Asian Salisbury Steaks with Sauteed Watercress
Back in the 19th century, an English doctor named J.H. Salisbury prescribed beef for all manner of ailments. We think he'd love this healthy update of the ground-beef-and-onions classic that bears his name. The sautéed watercress is an excellent foil to the meaty glazed beef.
- 6 ounces 90%-lean ground beef
- 1/3 cup finely diced red bell pepper
- 1/3 cup chopped scallions
- 2 tablespoons plain dry breadcrumbs
- 2 tablespoons hoisin sauce, divided (see Note)
- 1 tablespoon minced fresh ginger
- 1 1/2 teaspoons canola oil, divided
- 8 cups trimmed watercress, (2 bunches or one 4-ounce bag)
- 1/4 cup Shao Hsing rice wine, or dry sherry (see Note)
- Place rack in upper third of oven; preheat the broiler. Coat a broiler pan and rack with cooking spray.
- Gently mix beef, bell pepper, scallions, breadcrumbs, 1 tablespoon hoisin sauce and ginger in a medium bowl until just combined. Form the mixture into 2 oblong patties and place on the prepared broiler-pan rack. Brush the tops of the patties with 1/2 teaspoon oil. Broil, flipping once, until cooked through, about 4 minutes per side.
- Meanwhile, heat the remaining 1 teaspoon oil in a large skillet over high heat. Add watercress and cook, stirring often, until just wilted, 1 to 3 minutes. Divide the watercress between 2 plates. Return the pan to medium-high heat. Add rice wine (or sherry) and the remaining 1 tablespoon hoisin sauce. Cook, stirring, until smooth, bubbling and slightly reduced, about 1 minute. Top the watercress with the Salisbury steaks and drizzle with the pan sauce.
Tips & Notes
- Notes: Hoisin sauce is a dark brown, thick, spicy-sweet sauce made from soybeans and a complex mix of spices. Look for it in the Asian section of your supermarket and in Asian markets.
- Shao Hsing (or Shaoxing) is a seasoned rice wine. It is available in most Asian specialty markets and some larger supermarkets in the Asian section. If unavailable, dry sherry is an acceptable substitute.
- Sherry is a type of fortified wine originally from southern Spain. Don't use the “cooking sherry” sold in many supermarkets—it can be surprisingly high in sodium. Instead, purchase dry sherry that's sold with other fortified wines in your wine or liquor store.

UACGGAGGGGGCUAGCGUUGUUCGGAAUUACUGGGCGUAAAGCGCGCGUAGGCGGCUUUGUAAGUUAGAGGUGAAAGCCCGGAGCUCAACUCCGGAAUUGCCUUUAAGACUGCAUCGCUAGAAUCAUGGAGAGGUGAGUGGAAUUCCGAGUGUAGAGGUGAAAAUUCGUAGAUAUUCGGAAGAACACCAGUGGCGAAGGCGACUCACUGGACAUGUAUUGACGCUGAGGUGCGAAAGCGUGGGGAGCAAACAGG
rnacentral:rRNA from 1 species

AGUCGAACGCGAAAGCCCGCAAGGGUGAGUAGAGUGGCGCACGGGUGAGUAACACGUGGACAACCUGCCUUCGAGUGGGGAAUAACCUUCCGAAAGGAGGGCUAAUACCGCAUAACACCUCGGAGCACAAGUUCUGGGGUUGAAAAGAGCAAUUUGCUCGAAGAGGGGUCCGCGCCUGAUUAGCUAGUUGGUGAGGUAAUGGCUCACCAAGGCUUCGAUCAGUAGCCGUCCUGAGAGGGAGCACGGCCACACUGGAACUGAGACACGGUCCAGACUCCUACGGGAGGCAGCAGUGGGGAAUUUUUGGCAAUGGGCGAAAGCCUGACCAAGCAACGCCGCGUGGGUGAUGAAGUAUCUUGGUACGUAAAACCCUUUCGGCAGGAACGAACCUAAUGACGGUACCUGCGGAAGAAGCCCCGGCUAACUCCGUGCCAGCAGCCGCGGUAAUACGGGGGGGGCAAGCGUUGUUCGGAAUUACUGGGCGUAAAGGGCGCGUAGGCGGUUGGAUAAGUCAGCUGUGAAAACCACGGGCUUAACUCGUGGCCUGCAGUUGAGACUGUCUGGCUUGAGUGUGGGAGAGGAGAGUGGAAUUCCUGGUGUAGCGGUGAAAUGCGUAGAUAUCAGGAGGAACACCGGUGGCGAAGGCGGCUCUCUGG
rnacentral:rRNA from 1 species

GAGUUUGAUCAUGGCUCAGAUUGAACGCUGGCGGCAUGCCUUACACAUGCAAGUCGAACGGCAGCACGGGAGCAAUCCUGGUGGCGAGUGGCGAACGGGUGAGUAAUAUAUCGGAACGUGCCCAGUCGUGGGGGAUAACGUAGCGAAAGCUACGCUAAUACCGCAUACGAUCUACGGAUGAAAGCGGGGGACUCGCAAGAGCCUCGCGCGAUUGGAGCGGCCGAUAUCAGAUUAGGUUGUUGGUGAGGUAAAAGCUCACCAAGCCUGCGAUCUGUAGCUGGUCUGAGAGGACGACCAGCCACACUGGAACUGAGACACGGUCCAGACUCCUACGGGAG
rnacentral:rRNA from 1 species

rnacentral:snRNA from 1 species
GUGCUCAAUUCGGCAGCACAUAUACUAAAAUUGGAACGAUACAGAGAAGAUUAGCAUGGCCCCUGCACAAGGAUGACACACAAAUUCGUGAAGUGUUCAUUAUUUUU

- Easy cleanup: Recipes that require cooking spray can leave behind a sticky residue that can be hard to clean. To save time and keep your baking sheet looking fresh, line it with a layer of foil before you apply the cooking spray.
Per serving: 302 calories; 13 g fat (4 g sat, 6 g mono); 56 mg cholesterol; 17 g carbohydrates; 21 g protein; 2 g fiber; 391 mg sodium; 611 mg potassium.
Nutrition Bonus: Vitamin C (120% daily value), Vitamin A (70% dv), Zinc (27% dv), Potassium (17% dv).
Carbohydrate Servings: 1
Exchanges: 1 other carbohydrate, 3 lean meat, 1/2 fat
More From EatingWell
If you want to make the spread at your next party look...
Cool down with these healthy, homemade freezer pops. On hot...
If you’re looking for a new recipe to make for your Fourth of...
Put a fresh twist on your classic American fare with this...
From grilled chicken recipes to chicken salad recipes, our...
Having a snack attack? Stock your fridge and pantry with...
To round out your summer meal, enjoy one of our healthy...
Enjoy all the fruits and vegetables summer has to offer with...
What's a picnic without coleslaw and a salad? Our healthier...
You won’t waste half a day’s worth—or more—of calories with...
Beat the heat this summer with these easy recipes for your...
Fire up the grill, pull out the lawn chairs and celebrate...
Whether you’re in the mood for a sweet or salty snack, our...
We know summer can be a busy time of year, but be sure to...
Turmeric most often appears in Indian cuisine, as its flavor...
Cut saturated fat when you bake by swapping some of the...
- Ease of Preparation
- Total Time
- 30 minutes or less
- Main Ingredient